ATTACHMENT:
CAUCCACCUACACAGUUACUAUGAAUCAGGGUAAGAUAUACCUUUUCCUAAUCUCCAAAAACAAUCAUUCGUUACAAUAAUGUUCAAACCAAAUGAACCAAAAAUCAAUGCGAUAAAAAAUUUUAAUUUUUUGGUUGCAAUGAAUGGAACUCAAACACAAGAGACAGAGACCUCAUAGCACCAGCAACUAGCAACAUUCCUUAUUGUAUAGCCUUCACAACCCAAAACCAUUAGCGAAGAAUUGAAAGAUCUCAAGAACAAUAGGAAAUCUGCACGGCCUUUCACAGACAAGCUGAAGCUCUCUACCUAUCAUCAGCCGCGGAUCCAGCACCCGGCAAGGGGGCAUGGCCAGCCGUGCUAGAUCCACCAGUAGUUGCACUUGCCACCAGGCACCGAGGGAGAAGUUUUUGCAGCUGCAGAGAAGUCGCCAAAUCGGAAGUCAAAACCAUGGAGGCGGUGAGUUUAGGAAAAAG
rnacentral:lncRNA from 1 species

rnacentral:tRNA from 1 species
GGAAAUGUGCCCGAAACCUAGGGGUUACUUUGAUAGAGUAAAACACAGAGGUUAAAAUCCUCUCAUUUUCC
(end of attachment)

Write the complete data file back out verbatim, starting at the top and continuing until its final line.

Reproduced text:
CAUCCACCUACACAGUUACUAUGAAUCAGGGUAAGAUAUACCUUUUCCUAAUCUCCAAAAACAAUCAUUCGUUACAAUAAUGUUCAAACCAAAUGAACCAAAAAUCAAUGCGAUAAAAAAUUUUAAUUUUUUGGUUGCAAUGAAUGGAACUCAAACACAAGAGACAGAGACCUCAUAGCACCAGCAACUAGCAACAUUCCUUAUUGUAUAGCCUUCACAACCCAAAACCAUUAGCGAAGAAUUGAAAGAUCUCAAGAACAAUAGGAAAUCUGCACGGCCUUUCACAGACAAGCUGAAGCUCUCUACCUAUCAUCAGCCGCGGAUCCAGCACCCGGCAAGGGGGCAUGGCCAGCCGUGCUAGAUCCACCAGUAGUUGCACUUGCCACCAGGCACCGAGGGAGAAGUUUUUGCAGCUGCAGAGAAGUCGCCAAAUCGGAAGUCAAAACCAUGGAGGCGGUGAGUUUAGGAAAAAG
rnacentral:lncRNA from 1 species

rnacentral:tRNA from 1 species
GGAAAUGUGCCCGAAACCUAGGGGUUACUUUGAUAGAGUAAAACACAGAGGUUAAAAUCCUCUCAUUUUCC